IAB debuts 'Project ReArc' as a lifeline for advertisers in a cookieless world
The Interactive Advertising Bureau has unveiled Project ReArc, intended to help the $100 billion digital advertising industry overcome growing challenges to how it uses data to target consumers.
The initiative would require brands, agencies and ad tech players to collaborate on a universal login that would allow consumers to both manage privacy settings and allow media buyers to target them with ads. The proposal comes as the industry faces new data privacy regulations and the demise of third-party cookies, and is similar to NetID, which Germany rolled out nearly two years ago.
Randall Rothenberg, CEO of the IAB, unveiled the ambitious project late Monday during the trade body’s Annual Leadership Meeting in Palm Desert, California. “We are at an inflection point,” Rothenberg told attendees during his keynote, referring to Google's decision to eliminate third-party cookies from its Chrome browser by 2022.
“The death of the third-party cookie has been bearing down on us like a freight train for years,” Rothenberg said. “How is it we tethered the future of marketing and media to such a slight and imperfect technology?”
The IAB is asking members to devise a solution before Google's 2022 deadline. In the meantime, the IAB suggests Project ReArc could use a person’s email address or phone number as an identifier that’s shared through the digital ad supply chain. The login would work across thousands of websites, meaning people won’t have to sign in each time they visit a new domain. A user would also be able to manage privacy settings through Project ReArc, the IAB says.
Still, some fear publishers will ultimately make people log in, imposing a limit on access to content, says Michael Connolly, CEO of Sonobi, a technology company that helps publishers sell digital advertising through automation. Another big hurdle for Project ReArc is changing user behavior so they create and use an account, according to Connolly.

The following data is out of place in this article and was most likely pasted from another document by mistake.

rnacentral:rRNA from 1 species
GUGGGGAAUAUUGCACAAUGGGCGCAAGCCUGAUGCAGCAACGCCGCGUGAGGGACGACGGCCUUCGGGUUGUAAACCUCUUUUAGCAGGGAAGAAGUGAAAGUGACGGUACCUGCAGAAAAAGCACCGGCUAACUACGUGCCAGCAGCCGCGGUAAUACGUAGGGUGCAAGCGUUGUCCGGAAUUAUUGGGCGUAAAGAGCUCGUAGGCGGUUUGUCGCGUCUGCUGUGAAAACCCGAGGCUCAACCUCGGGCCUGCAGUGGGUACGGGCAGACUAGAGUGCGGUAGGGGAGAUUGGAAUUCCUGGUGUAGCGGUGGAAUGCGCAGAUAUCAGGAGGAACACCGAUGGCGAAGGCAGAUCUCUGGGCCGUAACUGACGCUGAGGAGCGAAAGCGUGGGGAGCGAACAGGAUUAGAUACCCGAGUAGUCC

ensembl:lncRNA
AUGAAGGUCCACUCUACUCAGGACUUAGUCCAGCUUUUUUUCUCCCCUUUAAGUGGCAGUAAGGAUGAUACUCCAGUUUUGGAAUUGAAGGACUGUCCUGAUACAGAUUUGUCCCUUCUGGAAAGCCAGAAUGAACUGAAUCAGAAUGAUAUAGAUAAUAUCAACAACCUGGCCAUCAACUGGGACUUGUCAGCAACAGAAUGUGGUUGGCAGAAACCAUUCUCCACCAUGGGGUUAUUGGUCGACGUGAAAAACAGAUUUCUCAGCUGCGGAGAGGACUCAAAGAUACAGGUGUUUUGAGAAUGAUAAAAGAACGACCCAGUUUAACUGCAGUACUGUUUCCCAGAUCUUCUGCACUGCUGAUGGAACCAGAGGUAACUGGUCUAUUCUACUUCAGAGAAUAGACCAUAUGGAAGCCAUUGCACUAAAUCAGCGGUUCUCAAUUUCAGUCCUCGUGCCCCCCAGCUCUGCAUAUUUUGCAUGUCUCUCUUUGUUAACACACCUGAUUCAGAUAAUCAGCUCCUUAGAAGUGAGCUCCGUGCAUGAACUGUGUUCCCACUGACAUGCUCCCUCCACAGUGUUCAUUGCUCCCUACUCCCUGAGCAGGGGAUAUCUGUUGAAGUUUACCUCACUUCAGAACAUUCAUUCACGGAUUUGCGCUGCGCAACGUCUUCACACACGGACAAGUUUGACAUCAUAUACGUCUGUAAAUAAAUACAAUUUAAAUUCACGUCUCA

“Not everyone reads Ad Age or the Wall Street Journal,” Connolly says. “They’re not up to speed about what’s going on, or what a third-party cookie even is.”
Connolly, who worked with the IAB on Project ReArc, adds: “A couple hundred million people will have to get in on this change and the only way that works is if publishers coordinate with each other.”
Nancy Smith, president and CEO of Analytic Partners, says Project ReArc is “a tall order and a challenging task that will require strong numbers to gain traction.”
Smith points out that every brand is looking to harmonize the value exchange of delivering privacy and personalization. “Brands are looking at ways to monetize through connecting with Google given their footprint,” she says.
“The outstanding question is will the big brands and publishers be the winners because they have the greatest communities in this new world of shrinking data,” Smith adds. “And if they are, what does that mean to the smaller brands and players?”